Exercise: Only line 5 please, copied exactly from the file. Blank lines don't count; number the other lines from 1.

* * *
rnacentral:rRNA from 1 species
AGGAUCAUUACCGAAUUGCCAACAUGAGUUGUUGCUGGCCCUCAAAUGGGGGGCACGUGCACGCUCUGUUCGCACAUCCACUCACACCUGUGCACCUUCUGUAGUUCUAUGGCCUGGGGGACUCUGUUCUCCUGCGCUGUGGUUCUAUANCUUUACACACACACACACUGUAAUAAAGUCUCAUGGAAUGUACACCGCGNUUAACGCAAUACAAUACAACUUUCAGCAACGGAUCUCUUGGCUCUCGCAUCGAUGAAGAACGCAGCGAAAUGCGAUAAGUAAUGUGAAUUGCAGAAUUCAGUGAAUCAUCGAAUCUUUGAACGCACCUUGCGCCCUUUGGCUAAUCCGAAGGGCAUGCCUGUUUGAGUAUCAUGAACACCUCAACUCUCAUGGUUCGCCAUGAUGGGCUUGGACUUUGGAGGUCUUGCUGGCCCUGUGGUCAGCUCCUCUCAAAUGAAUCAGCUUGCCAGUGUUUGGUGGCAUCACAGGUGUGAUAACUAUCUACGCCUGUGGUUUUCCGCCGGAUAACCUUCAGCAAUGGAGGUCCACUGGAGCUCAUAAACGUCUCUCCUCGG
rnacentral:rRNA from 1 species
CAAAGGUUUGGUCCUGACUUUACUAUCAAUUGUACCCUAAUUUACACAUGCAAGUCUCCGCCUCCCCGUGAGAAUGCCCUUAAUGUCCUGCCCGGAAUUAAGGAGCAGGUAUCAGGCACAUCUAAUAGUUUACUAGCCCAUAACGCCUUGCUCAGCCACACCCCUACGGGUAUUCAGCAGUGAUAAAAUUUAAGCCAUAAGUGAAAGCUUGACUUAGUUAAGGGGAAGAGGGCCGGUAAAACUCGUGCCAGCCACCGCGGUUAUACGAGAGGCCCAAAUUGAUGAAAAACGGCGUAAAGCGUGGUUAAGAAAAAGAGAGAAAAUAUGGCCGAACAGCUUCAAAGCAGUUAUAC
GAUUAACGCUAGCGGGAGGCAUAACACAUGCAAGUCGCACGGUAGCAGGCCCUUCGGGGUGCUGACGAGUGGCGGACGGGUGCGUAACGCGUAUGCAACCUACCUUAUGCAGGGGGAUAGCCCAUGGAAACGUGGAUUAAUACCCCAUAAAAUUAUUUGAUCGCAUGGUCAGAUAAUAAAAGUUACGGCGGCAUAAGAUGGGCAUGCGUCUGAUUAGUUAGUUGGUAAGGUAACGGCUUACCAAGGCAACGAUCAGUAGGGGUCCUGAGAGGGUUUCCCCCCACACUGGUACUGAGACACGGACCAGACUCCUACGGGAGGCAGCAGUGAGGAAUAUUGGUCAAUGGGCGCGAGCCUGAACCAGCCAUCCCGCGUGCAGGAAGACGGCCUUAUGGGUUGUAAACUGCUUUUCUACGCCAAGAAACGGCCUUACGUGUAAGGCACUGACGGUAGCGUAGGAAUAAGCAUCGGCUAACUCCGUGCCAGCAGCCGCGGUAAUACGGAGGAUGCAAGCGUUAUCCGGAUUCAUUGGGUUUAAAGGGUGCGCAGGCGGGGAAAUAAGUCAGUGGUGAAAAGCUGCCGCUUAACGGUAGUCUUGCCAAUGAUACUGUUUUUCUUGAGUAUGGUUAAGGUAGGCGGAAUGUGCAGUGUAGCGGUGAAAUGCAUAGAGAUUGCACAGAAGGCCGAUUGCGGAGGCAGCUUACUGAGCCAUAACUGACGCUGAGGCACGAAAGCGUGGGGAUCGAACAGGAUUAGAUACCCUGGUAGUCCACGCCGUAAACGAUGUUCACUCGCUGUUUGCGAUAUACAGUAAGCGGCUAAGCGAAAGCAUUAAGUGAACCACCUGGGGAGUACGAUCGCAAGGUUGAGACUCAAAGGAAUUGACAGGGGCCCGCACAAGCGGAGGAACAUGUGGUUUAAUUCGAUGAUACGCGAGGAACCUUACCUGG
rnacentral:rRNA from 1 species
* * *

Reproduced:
GAUUAACGCUAGCGGGAGGCAUAACACAUGCAAGUCGCACGGUAGCAGGCCCUUCGGGGUGCUGACGAGUGGCGGACGGGUGCGUAACGCGUAUGCAACCUACCUUAUGCAGGGGGAUAGCCCAUGGAAACGUGGAUUAAUACCCCAUAAAAUUAUUUGAUCGCAUGGUCAGAUAAUAAAAGUUACGGCGGCAUAAGAUGGGCAUGCGUCUGAUUAGUUAGUUGGUAAGGUAACGGCUUACCAAGGCAACGAUCAGUAGGGGUCCUGAGAGGGUUUCCCCCCACACUGGUACUGAGACACGGACCAGACUCCUACGGGAGGCAGCAGUGAGGAAUAUUGGUCAAUGGGCGCGAGCCUGAACCAGCCAUCCCGCGUGCAGGAAGACGGCCUUAUGGGUUGUAAACUGCUUUUCUACGCCAAGAAACGGCCUUACGUGUAAGGCACUGACGGUAGCGUAGGAAUAAGCAUCGGCUAACUCCGUGCCAGCAGCCGCGGUAAUACGGAGGAUGCAAGCGUUAUCCGGAUUCAUUGGGUUUAAAGGGUGCGCAGGCGGGGAAAUAAGUCAGUGGUGAAAAGCUGCCGCUUAACGGUAGUCUUGCCAAUGAUACUGUUUUUCUUGAGUAUGGUUAAGGUAGGCGGAAUGUGCAGUGUAGCGGUGAAAUGCAUAGAGAUUGCACAGAAGGCCGAUUGCGGAGGCAGCUUACUGAGCCAUAACUGACGCUGAGGCACGAAAGCGUGGGGAUCGAACAGGAUUAGAUACCCUGGUAGUCCACGCCGUAAACGAUGUUCACUCGCUGUUUGCGAUAUACAGUAAGCGGCUAAGCGAAAGCAUUAAGUGAACCACCUGGGGAGUACGAUCGCAAGGUUGAGACUCAAAGGAAUUGACAGGGGCCCGCACAAGCGGAGGAACAUGUGGUUUAAUUCGAUGAUACGCGAGGAACCUUACCUGG